The United States’ enduring commitment to the European Union and to NATO is especially relevant when we talk about the United States’ partnership with Greece. Greece is on the front lines of Europe’s biggest strategic challenges, with far-reaching ramifications for the EU, NATO, and the United States. In his remarks reiterating his strong support for NATO, President Trump also stressed that “Our partners must meet their financial obligations.” I want to commend Greece – one of only six countries in the NATO alliance currently meeting their defense spending commitments under Article III. To consistently meet these obligations, despite domestic challenges, shows Greece’s commitment to collective defense.
U.S. bilateral cooperation with Greece at Souda Bay plays a particularly critical role in supporting our common goal of achieving regional stability. I made my third visit to Souda Bay this week when the USS George H.W. Bush stopped there for repairs and replenishment. I heard from Crete government officials how much they appreciated the economic injection from the carrier’s visit. But I also heard from the ship’s captain how much he valued the support from his Greek counterparts and Souda Bay’s unique strategic location, which allowed the carrier to make a port stop without missing a beat in her operational activities against ISIS.
It is no exaggeration to say that these important regional security missions in the Mediterranean and Aegean simply would not be possible without our Greek partners. We deeply value our partnership at Souda and remain committed to building on what we have already accomplished together. Since I arrived in Greece, I’ve had the honor of welcoming numerous U.S. military leaders, who were here to meet with their Greek counterparts and further strengthen our excellent defense cooperation. Despite how strong our military and security relationship already is, I believe we can continue to build on our partnership and further improve our collaboration. Greece has been a stabilizing force in this region and a steadfast ally and partner to the United States. I want to see Greece play an even greater role as a pillar of regional stability.
Of course, economic stability and prosperity are important elements of any effort to broaden Greece’s role in this region and in Europe. And, therefore, my number one priority is to sustain the U.S. effort to spur growth and support economic recovery in Greece. This was articulated last year by former Treasury Secretary Lew who said that “you have to fix the foundation to have a strong Greece.” As Greece demonstrates its commitment to reform and builds additional trust with its creditors, I am convinced that new investments, both by foreign investors and domestic ones, will buoy the economy and create new jobs.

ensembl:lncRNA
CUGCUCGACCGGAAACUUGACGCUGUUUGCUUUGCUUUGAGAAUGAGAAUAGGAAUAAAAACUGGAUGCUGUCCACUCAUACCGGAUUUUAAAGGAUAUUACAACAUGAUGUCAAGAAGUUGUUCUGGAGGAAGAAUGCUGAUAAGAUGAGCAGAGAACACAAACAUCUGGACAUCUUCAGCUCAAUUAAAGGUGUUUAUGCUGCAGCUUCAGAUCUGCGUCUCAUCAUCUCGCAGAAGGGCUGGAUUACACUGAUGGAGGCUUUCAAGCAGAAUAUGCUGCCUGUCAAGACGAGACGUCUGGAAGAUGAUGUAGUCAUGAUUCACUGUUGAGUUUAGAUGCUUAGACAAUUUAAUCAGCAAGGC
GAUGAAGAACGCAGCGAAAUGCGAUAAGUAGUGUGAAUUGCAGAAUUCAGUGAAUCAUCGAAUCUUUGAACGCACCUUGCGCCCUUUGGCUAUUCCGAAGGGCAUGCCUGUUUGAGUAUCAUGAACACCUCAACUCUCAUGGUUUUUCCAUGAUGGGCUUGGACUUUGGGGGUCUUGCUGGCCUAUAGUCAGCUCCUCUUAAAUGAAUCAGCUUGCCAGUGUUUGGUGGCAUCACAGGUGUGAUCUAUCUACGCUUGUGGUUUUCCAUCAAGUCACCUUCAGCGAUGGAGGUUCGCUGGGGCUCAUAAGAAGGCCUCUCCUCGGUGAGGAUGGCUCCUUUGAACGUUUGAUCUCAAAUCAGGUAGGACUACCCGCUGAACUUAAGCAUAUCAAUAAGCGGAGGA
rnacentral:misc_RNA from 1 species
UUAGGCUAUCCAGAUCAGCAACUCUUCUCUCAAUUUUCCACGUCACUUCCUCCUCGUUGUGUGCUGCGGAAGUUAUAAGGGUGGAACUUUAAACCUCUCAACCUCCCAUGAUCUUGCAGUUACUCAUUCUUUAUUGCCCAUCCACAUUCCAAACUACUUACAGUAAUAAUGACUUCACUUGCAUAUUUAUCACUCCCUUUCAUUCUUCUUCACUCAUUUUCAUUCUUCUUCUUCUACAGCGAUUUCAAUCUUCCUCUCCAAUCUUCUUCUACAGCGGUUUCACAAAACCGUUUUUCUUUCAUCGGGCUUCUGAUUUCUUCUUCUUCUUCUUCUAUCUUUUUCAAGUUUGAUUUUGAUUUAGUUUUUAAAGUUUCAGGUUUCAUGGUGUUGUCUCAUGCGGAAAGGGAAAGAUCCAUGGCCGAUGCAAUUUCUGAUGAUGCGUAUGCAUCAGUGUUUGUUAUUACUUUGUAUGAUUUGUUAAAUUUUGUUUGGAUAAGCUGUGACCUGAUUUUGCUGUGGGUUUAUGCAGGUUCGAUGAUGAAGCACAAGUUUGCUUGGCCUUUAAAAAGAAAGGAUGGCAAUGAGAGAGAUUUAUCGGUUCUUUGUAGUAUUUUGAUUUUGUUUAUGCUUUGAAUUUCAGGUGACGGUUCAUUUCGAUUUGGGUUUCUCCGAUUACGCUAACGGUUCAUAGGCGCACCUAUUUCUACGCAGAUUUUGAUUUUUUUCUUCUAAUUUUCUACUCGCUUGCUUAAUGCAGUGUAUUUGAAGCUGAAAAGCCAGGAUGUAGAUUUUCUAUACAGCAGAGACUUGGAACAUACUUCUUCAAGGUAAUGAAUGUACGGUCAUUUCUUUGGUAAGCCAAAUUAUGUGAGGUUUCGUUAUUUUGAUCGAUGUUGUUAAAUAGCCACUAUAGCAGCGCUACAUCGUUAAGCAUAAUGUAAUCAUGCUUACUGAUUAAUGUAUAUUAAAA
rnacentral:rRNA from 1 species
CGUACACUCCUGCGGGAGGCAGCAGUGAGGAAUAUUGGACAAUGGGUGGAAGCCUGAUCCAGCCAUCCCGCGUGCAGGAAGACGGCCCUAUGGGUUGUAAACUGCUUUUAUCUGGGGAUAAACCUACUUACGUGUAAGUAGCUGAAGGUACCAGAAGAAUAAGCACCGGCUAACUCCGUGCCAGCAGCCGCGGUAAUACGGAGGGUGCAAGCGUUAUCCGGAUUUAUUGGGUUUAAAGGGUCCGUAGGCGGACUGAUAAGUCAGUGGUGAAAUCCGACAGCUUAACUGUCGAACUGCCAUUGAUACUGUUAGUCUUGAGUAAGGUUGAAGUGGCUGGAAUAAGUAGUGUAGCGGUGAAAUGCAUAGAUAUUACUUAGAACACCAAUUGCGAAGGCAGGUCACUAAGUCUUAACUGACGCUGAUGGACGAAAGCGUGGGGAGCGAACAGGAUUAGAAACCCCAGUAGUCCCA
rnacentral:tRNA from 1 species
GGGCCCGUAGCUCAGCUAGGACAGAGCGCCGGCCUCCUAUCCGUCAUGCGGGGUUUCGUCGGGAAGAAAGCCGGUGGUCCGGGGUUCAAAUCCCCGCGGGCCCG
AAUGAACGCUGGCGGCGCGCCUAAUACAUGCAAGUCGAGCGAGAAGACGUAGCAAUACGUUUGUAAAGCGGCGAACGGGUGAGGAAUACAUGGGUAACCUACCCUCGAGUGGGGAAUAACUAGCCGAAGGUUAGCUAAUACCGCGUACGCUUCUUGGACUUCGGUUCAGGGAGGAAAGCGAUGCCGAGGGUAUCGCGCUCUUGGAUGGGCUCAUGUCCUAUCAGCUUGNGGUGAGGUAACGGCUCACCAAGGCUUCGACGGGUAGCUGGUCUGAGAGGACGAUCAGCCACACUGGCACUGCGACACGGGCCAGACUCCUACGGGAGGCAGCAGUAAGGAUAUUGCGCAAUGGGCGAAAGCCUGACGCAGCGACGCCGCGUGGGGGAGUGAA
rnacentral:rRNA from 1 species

The United States wants to help Greece’s economy grow. We are eager to see U.S. companies expand their existing investments here in Greece and to invest in new ventures. One of the things we’re working on this year at the Embassy is a road show and a trade mission planned for June in the United States. We are also engaged with the American pharmaceutical industry and the Greek government to support a healthcare investment initiative.
And I am strongly committed to supporting programs to stimulate entrepreneurship. I was reminded by meetings this past week with the startup community in Thessaloniki and with scientific pioneers at the Foundation for Research and Technology in Heraklion that there is much more happening in Greece’s knowledge-based economy than most people recognize. I am committed to leveraging the U.S. Embassy to support this startup ecosystem, to offer young Greek entrepreneurs exposure to U.S. counterparts, and to share lessons from the small and medium enterprises that are the backbone of the U.S. economy.
The United States also strongly supports Greece’s efforts to build its energy connections with Europe. Projects such as TAP, the Greece-Bulgaria Interconnector, Revithoussa, and the proposed FSRU near Alexandroupolis all help cement Greece’s critical role in transforming the energy security of Southeast Europe – and will help drive economic growth in the years ahead.
Those are some of the specific initiatives that are a priority for me. More broadly, though, the U.S. government will continue to work with our European allies and the IMF to help Greece emerge from its long economic crisis as a strong and stable member of the European Union. A strong, united European Union promotes our common goal, set out by Vice President Pence, of promoting global freedom, democracy, and the rule of law.
Whether we are looking at our shared security interests in Europe, economic opportunity for all of our peoples, migration challenges, energy security, or trade and investment, it is clear that the transatlantic relationship between the United States and its European allies, and between the United States and Greece, is as crucial as ever to our collective prosperity. The last 70 years have demonstrated the U.S. commitment to those relationships. A strong partnership with Europe is the starting point for almost everything else the U.S. wants to accomplish around the world. And I am confident this principle will remain unchanged in the years ahead.
Thank you again for inviting me here today. I look forward to talking about some of these issues with the distinguished group assembled here and learning from all of you as I continue my mission to build the strongest possible alliance between Greece and the United States.